But he had never stopped aching for Earth. For the ocean. For his family.
He took a breath and waited. The skimmer would be there soon. He wondered how long it would take him to get used to breathing real air again; it had taken him months to get used to the heat and thin oxygen here. He wondered if he would fall back into the life he'd come from; back into South Bristol, back into the little joys and sorrows that accompanied everyday life, back into the world. Into his own life.
The skimmer finally pulled up, and he put his bags in the back seat. One more look at the Vulcan Science Academy; it was such a beautiful building, the perfect functional artistry. But he wouldn't miss it.
He climbed into the front seat and watched the scenery pass by once they started moving. He still felt ambivalent. He wished he knew why he felt that way; it was kind of unnerving. In his head, there were four years or more worth of training that he had completed in two years, and all he could seem to think of was whether or not they had repainted the swing bridge yet.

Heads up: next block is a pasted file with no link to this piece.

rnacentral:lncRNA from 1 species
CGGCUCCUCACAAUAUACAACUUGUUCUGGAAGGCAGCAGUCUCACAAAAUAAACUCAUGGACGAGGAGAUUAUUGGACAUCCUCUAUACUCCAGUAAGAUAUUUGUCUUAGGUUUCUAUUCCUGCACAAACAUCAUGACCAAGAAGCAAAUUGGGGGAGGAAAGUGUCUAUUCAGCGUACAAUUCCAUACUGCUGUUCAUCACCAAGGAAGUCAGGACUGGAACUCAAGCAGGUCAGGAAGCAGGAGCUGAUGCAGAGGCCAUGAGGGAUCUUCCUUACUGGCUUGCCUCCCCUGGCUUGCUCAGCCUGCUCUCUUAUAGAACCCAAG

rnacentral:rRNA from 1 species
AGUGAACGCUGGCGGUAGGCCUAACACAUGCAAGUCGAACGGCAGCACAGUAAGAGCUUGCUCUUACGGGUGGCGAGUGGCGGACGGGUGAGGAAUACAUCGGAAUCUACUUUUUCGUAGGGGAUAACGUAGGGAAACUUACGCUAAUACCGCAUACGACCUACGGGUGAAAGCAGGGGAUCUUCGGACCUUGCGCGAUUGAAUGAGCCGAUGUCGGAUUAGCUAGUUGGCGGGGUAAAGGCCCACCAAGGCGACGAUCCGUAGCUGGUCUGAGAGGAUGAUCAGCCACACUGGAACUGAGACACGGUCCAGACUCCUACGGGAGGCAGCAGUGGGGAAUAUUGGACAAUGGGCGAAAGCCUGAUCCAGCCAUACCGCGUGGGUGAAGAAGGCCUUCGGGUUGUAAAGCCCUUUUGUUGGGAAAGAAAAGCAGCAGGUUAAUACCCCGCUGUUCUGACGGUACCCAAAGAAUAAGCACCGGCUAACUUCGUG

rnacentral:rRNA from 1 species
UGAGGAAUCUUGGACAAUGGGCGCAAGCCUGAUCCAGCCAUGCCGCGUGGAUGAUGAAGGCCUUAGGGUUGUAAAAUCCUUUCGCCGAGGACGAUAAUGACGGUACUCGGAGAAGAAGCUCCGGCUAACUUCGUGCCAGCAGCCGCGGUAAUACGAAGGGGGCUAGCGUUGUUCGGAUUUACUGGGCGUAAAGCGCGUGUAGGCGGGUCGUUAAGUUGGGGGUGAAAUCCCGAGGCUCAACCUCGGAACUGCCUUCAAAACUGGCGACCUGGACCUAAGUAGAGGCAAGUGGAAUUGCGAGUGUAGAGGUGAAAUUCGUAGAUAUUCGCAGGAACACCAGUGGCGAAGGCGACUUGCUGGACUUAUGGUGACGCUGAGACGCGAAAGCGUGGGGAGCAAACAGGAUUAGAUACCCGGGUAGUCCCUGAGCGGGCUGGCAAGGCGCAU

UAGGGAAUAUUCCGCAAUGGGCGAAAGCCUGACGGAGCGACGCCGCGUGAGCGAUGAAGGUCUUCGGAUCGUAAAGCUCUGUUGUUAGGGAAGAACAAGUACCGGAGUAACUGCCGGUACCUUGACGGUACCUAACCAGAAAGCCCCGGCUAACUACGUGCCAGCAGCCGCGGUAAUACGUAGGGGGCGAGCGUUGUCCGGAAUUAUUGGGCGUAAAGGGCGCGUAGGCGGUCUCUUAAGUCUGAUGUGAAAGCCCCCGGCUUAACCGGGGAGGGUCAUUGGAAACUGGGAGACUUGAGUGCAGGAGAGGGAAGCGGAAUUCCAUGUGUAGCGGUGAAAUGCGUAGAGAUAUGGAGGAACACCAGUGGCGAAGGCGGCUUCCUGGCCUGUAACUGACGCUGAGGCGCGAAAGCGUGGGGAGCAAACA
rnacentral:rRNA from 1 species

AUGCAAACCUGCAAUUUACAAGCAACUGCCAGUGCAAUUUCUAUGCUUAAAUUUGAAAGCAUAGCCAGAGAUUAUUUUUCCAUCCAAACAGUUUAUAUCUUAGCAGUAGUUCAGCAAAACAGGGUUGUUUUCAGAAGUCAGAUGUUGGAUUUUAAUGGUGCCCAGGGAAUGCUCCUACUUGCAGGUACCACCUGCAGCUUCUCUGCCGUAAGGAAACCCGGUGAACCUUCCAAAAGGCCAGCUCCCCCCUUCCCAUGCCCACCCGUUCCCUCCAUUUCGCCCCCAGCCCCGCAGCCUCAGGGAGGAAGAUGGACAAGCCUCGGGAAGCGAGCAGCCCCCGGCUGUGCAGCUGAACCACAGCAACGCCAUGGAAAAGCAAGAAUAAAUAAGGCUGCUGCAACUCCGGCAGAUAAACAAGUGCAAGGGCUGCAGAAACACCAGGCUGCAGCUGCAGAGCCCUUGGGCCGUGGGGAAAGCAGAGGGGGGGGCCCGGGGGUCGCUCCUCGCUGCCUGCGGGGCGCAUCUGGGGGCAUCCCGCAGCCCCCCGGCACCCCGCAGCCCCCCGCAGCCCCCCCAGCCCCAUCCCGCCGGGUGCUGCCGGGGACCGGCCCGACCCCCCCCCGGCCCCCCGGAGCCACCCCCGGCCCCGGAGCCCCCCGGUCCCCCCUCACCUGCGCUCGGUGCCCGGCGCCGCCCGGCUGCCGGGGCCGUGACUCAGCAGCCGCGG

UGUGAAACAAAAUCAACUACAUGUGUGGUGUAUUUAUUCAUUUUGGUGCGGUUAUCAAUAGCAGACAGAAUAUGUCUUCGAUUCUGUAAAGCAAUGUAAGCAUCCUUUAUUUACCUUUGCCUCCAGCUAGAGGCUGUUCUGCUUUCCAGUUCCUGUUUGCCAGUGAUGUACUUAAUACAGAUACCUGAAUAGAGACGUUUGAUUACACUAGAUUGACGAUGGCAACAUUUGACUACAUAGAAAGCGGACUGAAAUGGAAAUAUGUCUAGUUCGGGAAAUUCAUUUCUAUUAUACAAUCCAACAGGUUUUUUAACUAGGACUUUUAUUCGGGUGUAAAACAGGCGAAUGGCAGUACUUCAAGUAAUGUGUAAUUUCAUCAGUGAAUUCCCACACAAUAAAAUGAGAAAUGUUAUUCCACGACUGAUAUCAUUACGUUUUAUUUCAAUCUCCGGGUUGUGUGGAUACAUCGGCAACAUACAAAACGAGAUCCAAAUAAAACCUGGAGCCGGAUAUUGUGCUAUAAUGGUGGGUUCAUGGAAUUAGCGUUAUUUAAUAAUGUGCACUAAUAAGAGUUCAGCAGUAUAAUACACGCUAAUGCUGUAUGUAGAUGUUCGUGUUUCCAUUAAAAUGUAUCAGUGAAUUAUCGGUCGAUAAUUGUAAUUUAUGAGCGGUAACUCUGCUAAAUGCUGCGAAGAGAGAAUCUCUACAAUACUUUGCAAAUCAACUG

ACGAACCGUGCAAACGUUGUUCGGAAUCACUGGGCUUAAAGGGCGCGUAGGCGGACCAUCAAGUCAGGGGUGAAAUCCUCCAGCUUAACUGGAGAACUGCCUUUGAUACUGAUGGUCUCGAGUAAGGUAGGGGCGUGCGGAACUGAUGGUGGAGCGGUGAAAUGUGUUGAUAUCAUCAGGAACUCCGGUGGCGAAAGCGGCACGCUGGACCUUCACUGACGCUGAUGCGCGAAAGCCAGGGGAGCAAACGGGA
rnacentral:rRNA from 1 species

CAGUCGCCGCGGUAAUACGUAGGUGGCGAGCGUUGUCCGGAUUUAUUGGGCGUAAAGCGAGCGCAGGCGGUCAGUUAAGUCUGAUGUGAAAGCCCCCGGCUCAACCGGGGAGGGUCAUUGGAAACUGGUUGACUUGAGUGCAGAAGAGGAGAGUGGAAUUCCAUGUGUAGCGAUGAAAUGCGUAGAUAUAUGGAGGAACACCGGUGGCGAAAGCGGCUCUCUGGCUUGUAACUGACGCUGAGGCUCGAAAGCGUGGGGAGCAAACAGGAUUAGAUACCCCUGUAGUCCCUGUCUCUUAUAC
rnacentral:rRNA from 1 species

The spaceport was surprisingly quiet; the rare times he'd come over here, half hoping to find some humans to share jokes with, were usually very busy. But tonight, it just seemed kind of quiet. The air took on a chill with the nightfall, and that added to the impression. Corry climbed out of the skimmer, more on auto-pilot than anything, and started unloading his bags.
Someone reached past him, pulling out one of his suitcases, and he was about to say something when he saw who it was and froze.
"What the Hell'd ye pack in here, anyway? Bricks?" Scotty grumbled, without an edge, setting the bag on the curb. Then he eyed Corry for a moment, failing to stifle a grin. "What? Ye'd think ye haven't seen me in a year." His idea of a joke, apparently.
Corry blinked. "I... you... I thought..."
"I'm always engineering somethin'," Scott replied, half-shrugging. Then he grabbed another bag. "Plan on helpin' with these?"
"Yeah." Corry shook off the shock for a moment, still halfway reeling. Between the mixed feelings on reclaiming his life and the exhaustion from the past two years, this little surprise was almost enough to knock him over. "How'd you manage that?" he asked, pulling the last of his luggage out of the skimmer.
"Hm. Lots o' hard work, some luck, and a bit o' conduct unbecoming an officer."
"Do I even wanna know?"